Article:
Bank of America and the U.S. Justice Department have agreed on the largest settlement ever reached between the government and a company, the bank announced Thursday.
The $16.7 billion settlement covers toxic mortgages issued during the housing boom by its Countrywide Financial unit in Calabasas and other mortgage lenders it acquired last decade.
The Charlotte, N.C. bank said the claims relate primarily to Countrywide and Merrill Lynch mortgages issued prior to Bank of America’s acquisitions. Countrywide originated or bought about $1.4 trillion in mortgages between 2005 and 2007. Bank of America acquired the firm in 2008.
As part of the settlement, Bank of America will pay a total of $9.65 billion in cash to the government and provide about $7 billion worth of consumer relief. The cash consists of a $5 billion civil monetary penalty and $4.63 billion in compensatory remediation payments.
The $7 billion in borrower relief will be in the form of mortgage modifications and community reinvestment and neighborhood stabilization efforts, with initiatives focused on communities experiencing, or at risk of, urban blight. Also, the bank will support the expansion of available affordable rental housing. It has committed to complete delivery of the consumer relief by no later than Aug. 31, 2018, and it will be subject to oversight by an independent monitor.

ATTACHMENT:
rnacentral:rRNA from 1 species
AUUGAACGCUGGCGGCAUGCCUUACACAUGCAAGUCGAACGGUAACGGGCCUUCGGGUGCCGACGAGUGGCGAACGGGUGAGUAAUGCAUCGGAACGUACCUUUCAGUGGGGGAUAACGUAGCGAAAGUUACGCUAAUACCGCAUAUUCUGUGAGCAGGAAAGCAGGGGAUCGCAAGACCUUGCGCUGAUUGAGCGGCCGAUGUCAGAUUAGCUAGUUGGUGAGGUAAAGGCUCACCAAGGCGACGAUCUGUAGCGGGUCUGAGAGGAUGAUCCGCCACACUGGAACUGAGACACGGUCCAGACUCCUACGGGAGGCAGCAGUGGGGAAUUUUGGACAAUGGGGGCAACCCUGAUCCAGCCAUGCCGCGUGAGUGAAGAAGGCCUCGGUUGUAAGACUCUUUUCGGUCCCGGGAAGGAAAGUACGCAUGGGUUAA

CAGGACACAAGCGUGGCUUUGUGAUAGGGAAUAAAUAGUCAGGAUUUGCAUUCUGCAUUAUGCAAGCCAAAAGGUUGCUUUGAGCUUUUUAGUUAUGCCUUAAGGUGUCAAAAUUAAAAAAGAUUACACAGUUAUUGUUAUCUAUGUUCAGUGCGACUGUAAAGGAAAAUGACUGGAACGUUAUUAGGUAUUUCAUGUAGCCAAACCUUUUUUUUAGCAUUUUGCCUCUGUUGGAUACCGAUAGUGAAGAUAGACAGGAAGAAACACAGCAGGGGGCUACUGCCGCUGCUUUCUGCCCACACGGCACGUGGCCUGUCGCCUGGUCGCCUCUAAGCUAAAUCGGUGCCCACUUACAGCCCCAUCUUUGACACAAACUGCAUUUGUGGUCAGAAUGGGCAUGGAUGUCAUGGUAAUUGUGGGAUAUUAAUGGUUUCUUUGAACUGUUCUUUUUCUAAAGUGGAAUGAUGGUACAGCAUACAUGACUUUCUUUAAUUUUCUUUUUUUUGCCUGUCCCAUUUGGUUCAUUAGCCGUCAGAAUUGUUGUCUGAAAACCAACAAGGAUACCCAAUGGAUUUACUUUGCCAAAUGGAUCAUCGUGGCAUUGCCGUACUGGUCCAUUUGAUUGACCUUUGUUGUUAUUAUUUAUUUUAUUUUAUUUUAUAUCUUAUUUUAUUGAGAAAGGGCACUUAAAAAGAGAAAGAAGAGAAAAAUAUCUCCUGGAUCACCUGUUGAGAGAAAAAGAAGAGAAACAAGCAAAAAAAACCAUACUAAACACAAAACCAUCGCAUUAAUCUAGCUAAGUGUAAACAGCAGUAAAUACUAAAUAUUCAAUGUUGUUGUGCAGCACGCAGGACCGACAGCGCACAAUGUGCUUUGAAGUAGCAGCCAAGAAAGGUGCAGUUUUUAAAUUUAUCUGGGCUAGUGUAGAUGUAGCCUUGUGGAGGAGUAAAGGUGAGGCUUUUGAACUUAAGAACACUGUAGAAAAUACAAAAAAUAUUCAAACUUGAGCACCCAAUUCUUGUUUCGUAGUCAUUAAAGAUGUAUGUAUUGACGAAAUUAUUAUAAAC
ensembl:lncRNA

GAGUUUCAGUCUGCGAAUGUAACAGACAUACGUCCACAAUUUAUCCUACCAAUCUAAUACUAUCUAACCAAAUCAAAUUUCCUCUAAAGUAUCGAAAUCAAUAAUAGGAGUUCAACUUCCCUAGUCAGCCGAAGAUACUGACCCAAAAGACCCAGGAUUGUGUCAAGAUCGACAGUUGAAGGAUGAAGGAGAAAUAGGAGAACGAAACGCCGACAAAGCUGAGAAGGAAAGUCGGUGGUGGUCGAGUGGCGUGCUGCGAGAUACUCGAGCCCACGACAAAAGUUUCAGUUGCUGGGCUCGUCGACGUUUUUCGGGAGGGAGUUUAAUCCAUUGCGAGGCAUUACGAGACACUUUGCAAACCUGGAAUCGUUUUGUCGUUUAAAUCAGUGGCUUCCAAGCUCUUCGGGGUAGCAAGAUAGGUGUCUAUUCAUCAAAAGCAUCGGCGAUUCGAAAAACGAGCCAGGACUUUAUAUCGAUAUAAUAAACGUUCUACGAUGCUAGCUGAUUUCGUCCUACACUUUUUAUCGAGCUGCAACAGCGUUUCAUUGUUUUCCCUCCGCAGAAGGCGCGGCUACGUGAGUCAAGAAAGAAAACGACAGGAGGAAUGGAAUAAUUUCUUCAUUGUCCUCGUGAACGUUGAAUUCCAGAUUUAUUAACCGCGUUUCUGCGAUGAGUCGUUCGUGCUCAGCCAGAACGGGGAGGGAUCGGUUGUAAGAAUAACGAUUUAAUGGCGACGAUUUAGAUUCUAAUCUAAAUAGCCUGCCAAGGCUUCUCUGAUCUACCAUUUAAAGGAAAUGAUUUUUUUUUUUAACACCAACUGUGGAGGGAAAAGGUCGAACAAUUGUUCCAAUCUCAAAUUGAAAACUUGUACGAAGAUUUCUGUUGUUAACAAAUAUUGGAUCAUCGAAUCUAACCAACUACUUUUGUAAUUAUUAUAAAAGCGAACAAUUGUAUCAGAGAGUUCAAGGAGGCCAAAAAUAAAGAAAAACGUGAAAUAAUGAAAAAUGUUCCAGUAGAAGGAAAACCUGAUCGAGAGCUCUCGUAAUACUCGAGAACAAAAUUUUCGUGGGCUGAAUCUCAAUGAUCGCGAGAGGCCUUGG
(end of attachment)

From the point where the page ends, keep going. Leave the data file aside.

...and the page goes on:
“We believe this settlement, which resolves significant remaining mortgage-related exposures, is in the best interests of our shareholders, and allows us to continue to focus on the future,” said Bank of America Chief Executive Brian Moynihan, in a prepared statement.
The settlement comes as the federal government has sought to crack down on banks that performed irresponsibly leading up to the financial meltdown of 2008. Bank of America inherited the legal liability through its acquisitions.
The banks are accused of issuing mortgages that borrowers were unable to pay, and then selling the loans in securitized packages to investors. The Bank of America deal tops the $13 billion deal between the U.S. and J.P. Morgan Chase late last year, making it the largest to date.
The settlement covers claims by the Department of Justice, the Securities and Exchange Commission and State Attorneys General from California, Delaware, Illinois, Kentucky, Maryland and New York.
The settlement follows a $1.3 billion judgment late last month levied by U.S. District Judge Jed Rakoff in New York, who ruled Bank of America was liable for loans sold by Countrywide prior to its acquisition.
At the center of that decision was the Countrywide program known in the industry as “The Hustle,” which focused on incentivizing mortgage loan officers to churn out mortgages quickly, not really considering the mortgage holders’ ability to repay the loans.
The fine was based on the amount of losses incurred by investors in the loans, including government-sponsored mortgage operations Fannie Mae and Freddie Mac.
Including a previous settlement with Fannie and Freddie of nearly $6 billion, the total tab for Bank of America stands at nearly $24 billion.